Architecture

This Is What a Decade of Development Did to Boston’s Skyline

With the end of the decade right around the corner, let's take a look back at the ways city's streets and silhouettes have evolved over the past 10 years.


Charles River skyline in 2010 vs. 2019 | Photo by Wit Suphamungmee via Flickr/Creative Commons  (left) | Photo by Dennis Tangney Jr/Getty Images (right)

Tourists venture to Boston, in part, to travel back in time. They want to walk along the Freedom Trail, trace the steps of the Founding Fathers, and be led around by modern-day civilians dressed in Colonial garb. They want to take a much-delayed ride on the oldest continuously running subway system in the U.S., and visit the yard of its oldest university. They want, above all, to end the day with a beer at Cheers.

If you’re only in town for the weekend, it’s not hard to see how the city could feel like it’s stuck in time. But for those of us living here every day, we know that couldn’t be less true. We’ve been priced out of our apartments, watched the housing prices go nowhere but up, and bemoaned the addition of yet another luxury condo to the market. We’ve witnessed shopping plazas spring from parking lots, neighborhoods gentrify beyond recognition, and skyscrapers break ground. We’ve schlepped through the snow, ducked under scaffolding, and hurried across the wind tunnel of the Mass. Ave. bridge only to begrudgingly stop and stare at that ever-changing view. And we’ve watched our streets and skylines shift all the while. With the end of the decade just around the bend, from the much-anticipated to the infamous, let’s take a walk through some of the memorable ways our city has developed since 2010.

The vacant lot at 820 Commonwealth Ave. in 2011 vs. the Joan & Edgar Booth Theatre in 2018. |Photos via Google Streetview 

What better place to begin than on Comm. Ave., a public thoroughfare that runs from the outskirts of Newton straight through Brighton, Allston, Kenmore, and Back Bay until it hits the edge of the Public Gardens—but which from Packard’s Corner to Kenmore, is colloquially known as Boston University. And new campus buildings are changing the street’s topography all the time. If we start by Boston University West, we can walk beside the newly installed protected bike lanes, and take in the angled glass facade of the Joan & Edgar Booth Theatre, a colossal performing arts center built for the university in 2017. Keep walking past Boston University Central and Boston University East and we’ll see the parking lot-turned-Center for Integrated Life Sciences and Engineering, completed a few years ago, which is across the street from the recently approved Boston University Data Science Center—a 19-story high-rise that will be designed to look like a giant stack of books.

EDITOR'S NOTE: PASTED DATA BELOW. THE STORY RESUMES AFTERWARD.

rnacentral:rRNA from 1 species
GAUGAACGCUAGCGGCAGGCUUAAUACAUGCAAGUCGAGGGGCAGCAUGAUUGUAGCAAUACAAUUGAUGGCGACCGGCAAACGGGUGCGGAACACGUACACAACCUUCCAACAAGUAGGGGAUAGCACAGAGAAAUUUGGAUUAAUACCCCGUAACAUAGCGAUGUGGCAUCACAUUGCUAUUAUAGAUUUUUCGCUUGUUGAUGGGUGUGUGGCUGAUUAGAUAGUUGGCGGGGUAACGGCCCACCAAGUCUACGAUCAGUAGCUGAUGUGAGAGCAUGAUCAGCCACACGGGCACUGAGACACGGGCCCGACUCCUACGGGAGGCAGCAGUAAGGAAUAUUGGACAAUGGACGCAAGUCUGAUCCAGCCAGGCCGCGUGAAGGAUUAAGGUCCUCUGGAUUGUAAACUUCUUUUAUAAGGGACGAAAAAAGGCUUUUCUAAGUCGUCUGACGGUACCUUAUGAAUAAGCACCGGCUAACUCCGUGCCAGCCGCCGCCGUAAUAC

The intersection of Brookline Ave. and Boylston Street in 2011 vs. The Pierce in 2018. |Photos via Google Streetview 

As we make our way into Kenmore, let’s turn off Comm. Ave. and onto Brookline, noticing how bright red sweatshirts fade into business casual attire. Beyond Fenway Park itself, the list of old buildings in Fenway is likely shorter than the list of new—luxury condo complexes and fast casual joints have sprung up at every corner in recent years. But one new construction rises, literally, above all of the rest: The Pierce, at 378 feet high, is the tallest tower in Fenway, and standing directly in front of it is like sitting in the first row at the movie theater. Crane your neck upwards to fully take in the grandeur of the 30-story residential building, and see if you can remember the days when Brookline and Boylston met instead at a D’Angelo’s sub shop. Now, the former cheesesteak sandwich haven is home to a ground-floor wine bar.

The view from Dalton Street in 2009 vs. an under-construction One Dalton in 2018 | Photos via Google Streetview